Where were the the product developers on this panel. did they not know any. It's a shame because devs would be as equally qualified to comment on "blacks in technology", at least as well as the suits who seem to always want to do so.

    Maybe a REAL working session on "Blacks In Technology" with developers and marketeers alike is in order. I dunno if you are going to attend the BwB (Brown While Blogging) conference in June but if so, we could talk there in person as I plan on attending

    FWIW,my current hot button is the lack of color in the VC (Venture Capital) community…It's a long complex conversation and it's not all "their" fault/conspiracy. Nonetheless, we ain't part of that club in a large way…

    I look forward to further discussion with you and others..

    1. Paul --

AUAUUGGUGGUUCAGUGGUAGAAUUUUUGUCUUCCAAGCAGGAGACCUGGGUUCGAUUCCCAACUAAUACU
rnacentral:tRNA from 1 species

Thank you for your reply. There were in fact numerous people in the audience who had the background you just discussed who could have offered something of substance to that pathetic event. What I've actually found even more interesting are the highly regarded professionals who chose to not attend in the first place and I'd love to ask them if they knew beforehand what a waste it was going to be. While I've chosen to respond to the outlandish and unacceptable behavior of the host and panelist that was the core issue I was originally addressing when I was there. Had this Partner at a major ad agency been seriously interested in providing an engaging program he would have. So as I've stated it is either his incompetance or his apathy that he allowed to take over by insulting those of us who could have been elsewhere but took the time to support Blacks In Tech. It should have been called Mishmash of Mediocrity instead. I will be attending Blogging While Brown and will gladly speak with you further in person.